FinCap welcomes the Government’s announcement of stricter controls over loan companies and debt collectors. The charity works with New Zealand’s 200 free budget services and the 60,000 people who use their services each year, and has helped over half those services to provide detailed, compelling evidence and personal stories to the review process which preceded today’s announcement.
Chief Executive Tim Barnett said today:
“The Government has listened to the experience and concerns of New Zealand’s 1200 financial mentors, who work day after day with people forced into debt and poverty by the greed of inadequately regulated loan companies. We are pleased to see the Government tackle issues that previous reforms have failed to address – including plans to clamp down on on pay day lending, introduce fit and proper tests for lenders, regulate debt collection, improve compliance around affordability and suitability of loans, and tougher enforcement”.
“We would like the Government could go further, by introducing a tighter interest rate cap and licensing of people and companies providing loans. Many people in debt have borrowed money which is very expensive – for example lines of credit from truck shops, expensive credit cards, and finance for cars – but would not be affected by the proposed interest rate caps in this reform. And there needs to be be a stronger mechanism for preventing potentially rogue or harmful operators entering into the marketplace”.
“We welcome the Government’s acknowledgment that consumer debt is related to child poverty. The lives of children are harmed by the excessive repayments required to service high cost lending. Money isn’t there for the basics, and children suffer. Preventing harm from consumer lending will improve the lives of thousands of children in New Zealand and support the aims of the measures to reduce child poverty such as the Families Package”.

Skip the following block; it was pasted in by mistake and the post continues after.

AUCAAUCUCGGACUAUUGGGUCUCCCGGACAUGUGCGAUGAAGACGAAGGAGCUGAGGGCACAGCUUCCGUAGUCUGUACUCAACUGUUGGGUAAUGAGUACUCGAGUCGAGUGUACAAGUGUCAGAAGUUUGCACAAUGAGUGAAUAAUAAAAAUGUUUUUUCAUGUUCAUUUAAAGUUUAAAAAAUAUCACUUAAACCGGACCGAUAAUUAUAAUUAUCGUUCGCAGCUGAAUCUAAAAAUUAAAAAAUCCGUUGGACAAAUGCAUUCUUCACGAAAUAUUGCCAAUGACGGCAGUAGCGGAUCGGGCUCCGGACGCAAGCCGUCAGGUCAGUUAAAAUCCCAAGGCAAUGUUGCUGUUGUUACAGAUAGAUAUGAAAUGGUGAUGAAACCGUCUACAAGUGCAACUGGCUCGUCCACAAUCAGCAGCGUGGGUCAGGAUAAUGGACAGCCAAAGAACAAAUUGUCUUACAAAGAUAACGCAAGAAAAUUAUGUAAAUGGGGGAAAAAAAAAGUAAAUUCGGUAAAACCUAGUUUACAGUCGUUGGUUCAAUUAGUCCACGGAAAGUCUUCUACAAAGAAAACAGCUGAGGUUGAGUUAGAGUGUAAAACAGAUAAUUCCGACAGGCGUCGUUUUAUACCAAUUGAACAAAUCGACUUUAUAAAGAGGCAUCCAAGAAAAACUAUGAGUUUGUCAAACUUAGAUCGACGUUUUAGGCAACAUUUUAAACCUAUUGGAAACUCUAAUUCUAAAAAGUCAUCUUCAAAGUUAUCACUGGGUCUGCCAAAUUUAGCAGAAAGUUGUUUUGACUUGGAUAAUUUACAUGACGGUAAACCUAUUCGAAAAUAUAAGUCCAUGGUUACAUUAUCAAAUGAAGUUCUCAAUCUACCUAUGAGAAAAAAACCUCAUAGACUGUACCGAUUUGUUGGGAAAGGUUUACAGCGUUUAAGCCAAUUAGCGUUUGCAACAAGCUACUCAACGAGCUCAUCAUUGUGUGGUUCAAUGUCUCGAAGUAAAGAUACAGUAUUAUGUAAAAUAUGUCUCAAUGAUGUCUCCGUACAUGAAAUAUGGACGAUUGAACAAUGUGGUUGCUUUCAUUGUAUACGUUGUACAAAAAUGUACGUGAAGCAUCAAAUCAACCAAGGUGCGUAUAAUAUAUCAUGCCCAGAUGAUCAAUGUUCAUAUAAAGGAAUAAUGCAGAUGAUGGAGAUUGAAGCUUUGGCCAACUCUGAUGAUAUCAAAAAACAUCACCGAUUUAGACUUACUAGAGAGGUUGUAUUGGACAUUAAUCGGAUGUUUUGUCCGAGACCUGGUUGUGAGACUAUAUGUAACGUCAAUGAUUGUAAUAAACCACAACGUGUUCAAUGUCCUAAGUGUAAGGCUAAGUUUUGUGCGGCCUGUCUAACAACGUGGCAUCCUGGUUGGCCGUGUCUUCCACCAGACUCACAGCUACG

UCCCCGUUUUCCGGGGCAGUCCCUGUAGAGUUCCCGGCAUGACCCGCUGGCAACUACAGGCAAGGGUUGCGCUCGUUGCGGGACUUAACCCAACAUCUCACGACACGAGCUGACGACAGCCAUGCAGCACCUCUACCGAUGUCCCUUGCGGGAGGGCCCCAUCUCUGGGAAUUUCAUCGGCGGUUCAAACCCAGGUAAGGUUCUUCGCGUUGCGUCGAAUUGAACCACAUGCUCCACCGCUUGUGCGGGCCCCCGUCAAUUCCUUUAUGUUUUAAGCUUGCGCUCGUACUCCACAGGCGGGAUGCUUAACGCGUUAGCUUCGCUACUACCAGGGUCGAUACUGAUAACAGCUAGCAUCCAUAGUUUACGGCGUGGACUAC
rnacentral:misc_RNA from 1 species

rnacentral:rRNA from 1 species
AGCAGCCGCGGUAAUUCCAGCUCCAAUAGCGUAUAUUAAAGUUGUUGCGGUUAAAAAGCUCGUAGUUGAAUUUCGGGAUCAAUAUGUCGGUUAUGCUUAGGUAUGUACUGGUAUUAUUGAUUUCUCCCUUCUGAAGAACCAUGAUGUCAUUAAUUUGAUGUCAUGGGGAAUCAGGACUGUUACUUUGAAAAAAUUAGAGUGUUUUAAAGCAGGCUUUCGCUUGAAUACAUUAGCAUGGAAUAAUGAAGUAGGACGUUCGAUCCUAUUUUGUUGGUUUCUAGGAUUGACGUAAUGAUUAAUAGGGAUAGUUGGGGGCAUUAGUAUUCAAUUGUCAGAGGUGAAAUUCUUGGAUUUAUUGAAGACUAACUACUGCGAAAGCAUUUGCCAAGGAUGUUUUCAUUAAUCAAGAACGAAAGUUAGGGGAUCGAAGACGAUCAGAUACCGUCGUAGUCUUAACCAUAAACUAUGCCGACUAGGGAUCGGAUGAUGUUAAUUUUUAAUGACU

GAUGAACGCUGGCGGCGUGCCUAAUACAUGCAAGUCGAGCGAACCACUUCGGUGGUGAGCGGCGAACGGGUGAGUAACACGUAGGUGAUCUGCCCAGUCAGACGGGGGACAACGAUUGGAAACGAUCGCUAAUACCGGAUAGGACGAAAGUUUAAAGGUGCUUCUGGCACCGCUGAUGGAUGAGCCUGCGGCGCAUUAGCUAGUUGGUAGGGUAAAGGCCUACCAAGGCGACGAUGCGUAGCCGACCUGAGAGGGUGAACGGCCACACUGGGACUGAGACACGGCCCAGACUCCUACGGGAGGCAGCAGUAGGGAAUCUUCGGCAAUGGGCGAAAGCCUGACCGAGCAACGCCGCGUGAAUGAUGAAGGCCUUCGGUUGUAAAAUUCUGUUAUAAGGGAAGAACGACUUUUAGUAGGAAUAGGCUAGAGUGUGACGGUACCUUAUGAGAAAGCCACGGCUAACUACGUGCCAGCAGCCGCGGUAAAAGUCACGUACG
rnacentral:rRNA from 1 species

“Our services are looking forward to the opportunity to engage with the Select Committee process, telling the stories of everyday New Zealanders that we work with. We encourage the public to share their stories of how predatory, irresponsible and high cost lending has impacted on their lives and why changes to the law are necessary for the financial wellbeing of all New Zealanders”.
“Parts of this industry operate as though they are beyond the law. This Wild West can and will be tamed by a more muscular approach”.
The average person using a budget service has a non-mortgage debt of $9700, of which around 45% is owed to finance companies or banks. 50% are Māori and 12% are Pacific Islanders.